Mon, 26 Oct 2020

Trailblazing US Supreme Court Justice Ginsburg dies; succession battle looms

According to Brits, Titus left deep footprints in periods of change, both in South Africa and at the ATKV. His leadership, integrity and empathy will always remain with her.

"He was the right man at the right time."

For the past 12 years, he had been campaigning for language and culture, Brits said.

"The legacy of this lawyer, linguist, historian and opinion maker is one of greater understanding and inclusivity across racial boundaries."

In 1983, Titus was admitted as an advocate of what was then known as the Supreme Court. He worked as a public prosecutor at the Department of Justice.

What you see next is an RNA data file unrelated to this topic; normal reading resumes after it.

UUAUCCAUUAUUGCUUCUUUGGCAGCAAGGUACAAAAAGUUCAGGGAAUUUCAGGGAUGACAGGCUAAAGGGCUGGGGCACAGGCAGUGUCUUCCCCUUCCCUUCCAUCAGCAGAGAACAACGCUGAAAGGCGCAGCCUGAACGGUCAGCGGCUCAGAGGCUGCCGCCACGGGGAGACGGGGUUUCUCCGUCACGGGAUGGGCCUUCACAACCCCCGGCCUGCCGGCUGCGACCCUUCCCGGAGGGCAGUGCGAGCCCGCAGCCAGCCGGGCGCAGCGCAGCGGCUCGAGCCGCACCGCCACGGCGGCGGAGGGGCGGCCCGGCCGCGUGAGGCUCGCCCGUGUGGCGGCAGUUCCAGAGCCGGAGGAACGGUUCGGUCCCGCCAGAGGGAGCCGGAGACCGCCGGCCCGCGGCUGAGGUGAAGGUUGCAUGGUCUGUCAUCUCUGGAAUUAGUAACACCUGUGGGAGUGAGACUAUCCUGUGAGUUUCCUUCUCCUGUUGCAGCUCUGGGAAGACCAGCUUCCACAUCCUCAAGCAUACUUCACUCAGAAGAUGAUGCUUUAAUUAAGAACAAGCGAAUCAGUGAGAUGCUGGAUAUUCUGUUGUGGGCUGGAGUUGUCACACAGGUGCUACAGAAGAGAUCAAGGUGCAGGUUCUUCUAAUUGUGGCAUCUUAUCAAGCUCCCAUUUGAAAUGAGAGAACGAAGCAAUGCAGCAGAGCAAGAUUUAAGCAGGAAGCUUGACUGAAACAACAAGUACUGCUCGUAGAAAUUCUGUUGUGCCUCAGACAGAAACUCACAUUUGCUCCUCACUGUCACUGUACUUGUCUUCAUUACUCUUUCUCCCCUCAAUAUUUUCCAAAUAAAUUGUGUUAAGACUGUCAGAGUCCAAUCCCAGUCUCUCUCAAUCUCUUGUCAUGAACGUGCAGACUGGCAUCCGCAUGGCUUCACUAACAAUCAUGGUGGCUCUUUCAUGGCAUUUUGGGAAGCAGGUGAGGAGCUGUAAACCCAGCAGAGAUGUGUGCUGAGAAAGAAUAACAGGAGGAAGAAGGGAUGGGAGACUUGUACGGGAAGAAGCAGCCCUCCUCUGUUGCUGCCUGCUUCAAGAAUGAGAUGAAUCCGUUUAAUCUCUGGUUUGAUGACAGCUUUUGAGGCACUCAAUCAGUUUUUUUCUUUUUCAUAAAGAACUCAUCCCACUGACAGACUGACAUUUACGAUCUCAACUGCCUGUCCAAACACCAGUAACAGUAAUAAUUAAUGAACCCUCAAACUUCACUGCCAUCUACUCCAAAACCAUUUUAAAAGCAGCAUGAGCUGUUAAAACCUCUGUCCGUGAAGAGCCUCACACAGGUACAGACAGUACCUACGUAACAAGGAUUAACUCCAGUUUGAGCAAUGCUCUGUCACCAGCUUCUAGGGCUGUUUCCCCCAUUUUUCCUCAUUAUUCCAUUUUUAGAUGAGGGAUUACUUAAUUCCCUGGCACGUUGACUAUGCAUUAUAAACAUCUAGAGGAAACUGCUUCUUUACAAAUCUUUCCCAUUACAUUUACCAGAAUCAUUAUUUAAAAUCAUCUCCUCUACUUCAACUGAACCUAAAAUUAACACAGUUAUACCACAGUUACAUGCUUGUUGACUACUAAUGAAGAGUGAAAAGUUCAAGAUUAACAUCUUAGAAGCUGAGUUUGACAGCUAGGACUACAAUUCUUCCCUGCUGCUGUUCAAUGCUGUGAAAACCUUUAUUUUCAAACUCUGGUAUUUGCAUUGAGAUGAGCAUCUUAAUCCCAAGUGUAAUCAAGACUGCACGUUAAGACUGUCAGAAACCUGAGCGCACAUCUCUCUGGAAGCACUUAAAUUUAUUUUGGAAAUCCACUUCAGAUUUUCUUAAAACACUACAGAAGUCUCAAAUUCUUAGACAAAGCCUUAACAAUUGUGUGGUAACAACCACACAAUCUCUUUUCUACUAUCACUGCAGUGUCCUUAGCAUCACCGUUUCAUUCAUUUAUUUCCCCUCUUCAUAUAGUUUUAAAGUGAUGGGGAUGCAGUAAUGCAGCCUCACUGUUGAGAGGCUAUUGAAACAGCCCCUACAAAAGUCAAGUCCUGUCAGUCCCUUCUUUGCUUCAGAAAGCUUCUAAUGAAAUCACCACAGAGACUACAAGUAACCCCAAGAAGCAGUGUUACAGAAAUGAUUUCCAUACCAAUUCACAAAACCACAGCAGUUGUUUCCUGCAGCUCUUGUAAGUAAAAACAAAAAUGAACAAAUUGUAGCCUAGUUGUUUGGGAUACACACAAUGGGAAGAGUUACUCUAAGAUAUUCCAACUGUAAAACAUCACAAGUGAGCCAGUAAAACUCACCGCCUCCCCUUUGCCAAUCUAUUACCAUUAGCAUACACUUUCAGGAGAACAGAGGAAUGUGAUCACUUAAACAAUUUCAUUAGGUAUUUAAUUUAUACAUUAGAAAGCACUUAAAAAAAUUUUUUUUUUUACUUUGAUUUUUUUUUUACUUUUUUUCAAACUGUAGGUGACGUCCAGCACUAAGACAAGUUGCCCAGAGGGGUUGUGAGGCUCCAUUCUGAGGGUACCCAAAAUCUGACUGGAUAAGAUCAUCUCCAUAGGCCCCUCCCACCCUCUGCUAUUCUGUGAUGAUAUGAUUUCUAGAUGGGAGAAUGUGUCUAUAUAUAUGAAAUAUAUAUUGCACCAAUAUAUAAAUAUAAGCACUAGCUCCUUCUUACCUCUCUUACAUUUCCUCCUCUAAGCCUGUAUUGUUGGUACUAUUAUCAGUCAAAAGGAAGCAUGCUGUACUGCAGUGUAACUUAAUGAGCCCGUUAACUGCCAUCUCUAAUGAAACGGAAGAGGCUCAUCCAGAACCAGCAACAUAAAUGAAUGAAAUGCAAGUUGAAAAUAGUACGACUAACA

He went to the Netherlands in 1987 to continue his studies at the University of Leiden and returned to South Africa in 1993 with master's and doctorate degrees.

In February 2020, he received the Freedom of the Town as part of his hometown Worcester's 200th anniversary celebrations.

"Our prayers go out especially to his two daughters, Dalene and Neriska," said Brits.

"We are going to miss you, Dr Titus, and we say goodbye to you with great respect and gratitude for the difference you have made and the lives you have touched."

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